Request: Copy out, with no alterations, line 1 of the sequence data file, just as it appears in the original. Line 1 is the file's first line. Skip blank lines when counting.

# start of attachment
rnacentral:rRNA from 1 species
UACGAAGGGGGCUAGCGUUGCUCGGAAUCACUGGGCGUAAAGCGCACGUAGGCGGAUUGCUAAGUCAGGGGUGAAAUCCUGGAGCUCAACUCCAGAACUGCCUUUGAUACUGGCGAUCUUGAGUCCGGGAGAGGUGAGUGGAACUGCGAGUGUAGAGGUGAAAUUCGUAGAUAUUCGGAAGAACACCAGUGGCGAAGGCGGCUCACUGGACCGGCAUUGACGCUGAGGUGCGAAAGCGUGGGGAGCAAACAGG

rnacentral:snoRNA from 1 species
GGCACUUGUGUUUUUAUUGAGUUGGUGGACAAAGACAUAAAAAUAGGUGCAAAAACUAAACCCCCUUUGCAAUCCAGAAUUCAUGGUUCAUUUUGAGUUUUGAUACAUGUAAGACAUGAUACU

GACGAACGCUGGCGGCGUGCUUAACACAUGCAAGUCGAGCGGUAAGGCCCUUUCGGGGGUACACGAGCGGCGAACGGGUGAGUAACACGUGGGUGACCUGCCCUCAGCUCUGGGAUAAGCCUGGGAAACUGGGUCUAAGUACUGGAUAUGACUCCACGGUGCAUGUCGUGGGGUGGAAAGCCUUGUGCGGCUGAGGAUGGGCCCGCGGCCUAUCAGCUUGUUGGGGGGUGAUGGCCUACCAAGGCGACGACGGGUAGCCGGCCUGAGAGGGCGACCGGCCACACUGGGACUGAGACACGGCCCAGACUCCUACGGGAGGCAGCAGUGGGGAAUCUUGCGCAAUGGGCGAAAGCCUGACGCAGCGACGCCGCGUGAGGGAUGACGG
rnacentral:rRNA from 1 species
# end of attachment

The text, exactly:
rnacentral:rRNA from 1 species